Tuesday, May 15, 2012

Mothers in Literature Addendum

from here
On Mother's Day, I put up a post in search of great moms in literature.
Of course, I left out the fantastic mother in one of the books I was reading.

I just finished The Monsters of Templeton by Lauren Groff (on audiobook after spending Mother's Day with my mommy), and while the full review is still peculating and a day or two away, I want to spend just a minute thinking about Vi Upton: mother of the protagonist, single mom, ex-hippie turned Baptist, critical care nurse, and all-around Empress of Awesomeness.

Vi serves as catalyst and judge for the story. When her daughter, Willie, comes home from college pregnant and spiraling into the depths of a crisis of conscience, Vi pushes Willie into a full on identity crisis. Vi reveals that Willie is not the product of bad decisions in a free-love commune, but the child of a respected member of the Templeton community. She then sets Willie on a quest through the family history to learn the truth.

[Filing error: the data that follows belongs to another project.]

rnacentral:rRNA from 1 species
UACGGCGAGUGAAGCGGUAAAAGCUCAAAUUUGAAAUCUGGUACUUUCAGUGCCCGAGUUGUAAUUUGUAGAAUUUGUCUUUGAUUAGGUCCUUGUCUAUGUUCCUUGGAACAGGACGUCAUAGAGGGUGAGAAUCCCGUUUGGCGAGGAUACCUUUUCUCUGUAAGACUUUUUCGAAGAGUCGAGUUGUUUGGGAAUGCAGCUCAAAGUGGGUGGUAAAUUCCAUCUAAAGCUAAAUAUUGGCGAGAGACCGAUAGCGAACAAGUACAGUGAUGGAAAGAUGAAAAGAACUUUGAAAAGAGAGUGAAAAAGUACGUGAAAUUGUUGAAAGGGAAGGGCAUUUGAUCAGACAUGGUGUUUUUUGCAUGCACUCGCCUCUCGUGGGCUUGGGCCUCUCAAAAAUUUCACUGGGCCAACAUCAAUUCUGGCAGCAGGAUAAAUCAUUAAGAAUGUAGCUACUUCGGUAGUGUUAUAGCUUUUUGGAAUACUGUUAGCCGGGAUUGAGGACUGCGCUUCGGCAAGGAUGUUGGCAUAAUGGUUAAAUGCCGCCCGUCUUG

Vi is not perfect, and while she is put together enough that her quirks read as endearing more often than neurotic, there is certainly a touch of neurotic/ fanatic lurking under the surface to give Vi an edge.

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